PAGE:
Monday, May 3, 2010

What would Amelia Earhart do?

The woman wanted to write. Sometimes fate takes a hand. She got to fly planes instead and we're all grateful for it. Writing is such an oddly solitary profession. You engage with these characters daily, you fight with them in your mind and often aloud. Yes, that's me, the madwoman who wanders the trails of Mills Reservation with my aged dog in tow, saying things like "What if?" and "Then what?" And answering myself because there's no one else around to do it for me.

Today, I sit and wait and try to keep busy. Not that I don't have things to do, an article to finish, (worked on already, questions sent yet again etc.), and a novella to try and publish or maybe extract short stories from, a business to run to make money which I surely do need . . . still I wait. Wait for judgment and then more judgment. What would Amelia Earhart do? I know she waited for a chance to get into a plane and fly over the Atlantic. She waited, not happily for an interview with her future husband to insure that she would be included in that same flight. And she waited for other things, for money to be raised, for planes to be readied, for weather to clear, for dawn to come. As she waited she undoubtedly did many of the things we all do . . . worried, gnawed away at those worries, dismissed them, thought about the future, thought about the past, thought about odd things. . . and so the time passed.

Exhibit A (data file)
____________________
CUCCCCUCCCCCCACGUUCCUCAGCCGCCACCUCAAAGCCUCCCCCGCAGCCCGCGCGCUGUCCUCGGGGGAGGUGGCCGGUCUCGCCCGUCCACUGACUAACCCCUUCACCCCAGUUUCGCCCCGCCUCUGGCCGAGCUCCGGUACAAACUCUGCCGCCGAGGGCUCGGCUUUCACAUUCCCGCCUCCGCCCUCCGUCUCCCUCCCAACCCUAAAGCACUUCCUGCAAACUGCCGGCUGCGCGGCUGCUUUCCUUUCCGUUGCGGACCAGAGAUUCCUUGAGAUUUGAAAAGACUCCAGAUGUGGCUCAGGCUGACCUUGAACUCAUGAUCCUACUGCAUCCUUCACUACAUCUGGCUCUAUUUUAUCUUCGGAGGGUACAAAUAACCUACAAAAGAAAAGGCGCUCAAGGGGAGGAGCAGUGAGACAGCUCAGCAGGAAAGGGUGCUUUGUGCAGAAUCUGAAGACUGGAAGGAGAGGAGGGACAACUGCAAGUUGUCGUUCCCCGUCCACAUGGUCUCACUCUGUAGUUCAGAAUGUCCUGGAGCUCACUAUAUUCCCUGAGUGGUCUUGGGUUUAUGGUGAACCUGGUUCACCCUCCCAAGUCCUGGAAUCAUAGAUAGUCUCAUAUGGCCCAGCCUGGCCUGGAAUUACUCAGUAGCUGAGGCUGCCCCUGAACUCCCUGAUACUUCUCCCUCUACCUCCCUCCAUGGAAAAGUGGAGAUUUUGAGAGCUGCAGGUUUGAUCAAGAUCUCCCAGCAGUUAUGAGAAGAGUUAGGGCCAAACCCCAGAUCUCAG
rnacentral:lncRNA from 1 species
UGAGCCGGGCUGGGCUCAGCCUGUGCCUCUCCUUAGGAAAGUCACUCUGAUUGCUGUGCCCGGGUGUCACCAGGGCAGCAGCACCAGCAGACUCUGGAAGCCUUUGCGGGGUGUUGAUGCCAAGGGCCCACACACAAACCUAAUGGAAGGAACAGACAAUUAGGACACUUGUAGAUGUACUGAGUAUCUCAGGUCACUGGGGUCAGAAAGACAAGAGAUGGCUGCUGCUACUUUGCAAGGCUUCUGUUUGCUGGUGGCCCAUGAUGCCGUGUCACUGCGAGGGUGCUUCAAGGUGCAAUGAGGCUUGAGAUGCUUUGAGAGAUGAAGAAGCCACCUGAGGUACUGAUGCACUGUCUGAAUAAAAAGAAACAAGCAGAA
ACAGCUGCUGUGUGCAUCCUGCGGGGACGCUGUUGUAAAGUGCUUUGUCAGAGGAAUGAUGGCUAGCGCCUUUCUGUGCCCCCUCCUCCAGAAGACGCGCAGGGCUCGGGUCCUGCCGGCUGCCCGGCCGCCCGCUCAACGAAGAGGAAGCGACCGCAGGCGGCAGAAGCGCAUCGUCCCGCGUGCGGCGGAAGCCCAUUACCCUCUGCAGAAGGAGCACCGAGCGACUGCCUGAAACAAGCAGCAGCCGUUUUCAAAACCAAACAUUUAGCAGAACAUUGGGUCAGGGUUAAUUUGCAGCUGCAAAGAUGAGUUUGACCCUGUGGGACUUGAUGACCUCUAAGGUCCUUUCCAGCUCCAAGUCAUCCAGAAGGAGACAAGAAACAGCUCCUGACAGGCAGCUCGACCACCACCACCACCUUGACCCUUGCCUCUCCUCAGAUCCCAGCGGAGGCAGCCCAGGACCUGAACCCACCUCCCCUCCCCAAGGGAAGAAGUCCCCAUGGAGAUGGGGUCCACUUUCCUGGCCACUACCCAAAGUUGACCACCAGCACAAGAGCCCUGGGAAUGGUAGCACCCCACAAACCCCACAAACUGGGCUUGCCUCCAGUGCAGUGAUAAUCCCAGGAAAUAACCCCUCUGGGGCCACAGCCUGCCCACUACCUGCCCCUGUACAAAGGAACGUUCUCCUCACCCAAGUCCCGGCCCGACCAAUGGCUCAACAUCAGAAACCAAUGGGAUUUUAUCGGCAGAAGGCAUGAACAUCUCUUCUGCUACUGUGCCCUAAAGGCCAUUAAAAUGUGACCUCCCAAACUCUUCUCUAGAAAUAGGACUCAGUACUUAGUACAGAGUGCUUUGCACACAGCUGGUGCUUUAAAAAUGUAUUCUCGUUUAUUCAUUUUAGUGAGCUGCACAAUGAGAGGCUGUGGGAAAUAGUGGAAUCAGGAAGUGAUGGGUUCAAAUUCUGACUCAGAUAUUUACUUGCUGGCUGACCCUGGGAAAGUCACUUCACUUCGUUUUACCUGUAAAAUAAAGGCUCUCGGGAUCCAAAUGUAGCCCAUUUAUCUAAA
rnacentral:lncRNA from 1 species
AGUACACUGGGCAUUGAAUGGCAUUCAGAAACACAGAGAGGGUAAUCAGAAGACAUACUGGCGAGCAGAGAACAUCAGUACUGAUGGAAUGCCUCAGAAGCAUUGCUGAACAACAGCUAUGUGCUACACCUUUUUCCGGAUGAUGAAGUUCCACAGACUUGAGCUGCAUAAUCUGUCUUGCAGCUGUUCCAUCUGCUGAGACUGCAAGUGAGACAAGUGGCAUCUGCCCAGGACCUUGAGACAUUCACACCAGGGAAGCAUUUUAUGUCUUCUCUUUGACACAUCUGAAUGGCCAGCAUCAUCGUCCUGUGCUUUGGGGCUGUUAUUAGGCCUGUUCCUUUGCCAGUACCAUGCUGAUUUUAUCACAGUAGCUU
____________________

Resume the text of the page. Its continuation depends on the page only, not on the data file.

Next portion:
It passes so quickly really, and it seems a shame to miss any part of what is fleeting. I see that with my own parents, and with my memories of my children. Wasn't it just yesterday, yes it actually was if you look at it in terms of the bigger picture. Sometimes to gain perspective I try that. I think of how we're just this one tiny planet in the cosmos. But then of course I'm pulled back into me. Into my demands and the primacy of my incredibly important life, (joke intended.) I so wish I was different. I wish I could just walk away from the self that wants and needs approval, on the other hand, I can't. Getting better at something means exactly that, you've gotten better. Better with not wanting to scream or murder someone or else just sinking into despair when you get those dismissive rejection letters. Better with the process of waiting. Better with the way people tell you what they would or wouldn't have done if they were well, you. Infantilizing? You betcha. Yet I'm all grown up right?

When G.P. Putnam left Amelia to cool her heels outside his office, she wasn't pleased about it. I think of her sitting there, waiting for that interview, not knowing that the next few hours would change the course of her entire life. I think that's how everything is, in a way. There's a before, and then there's an after.

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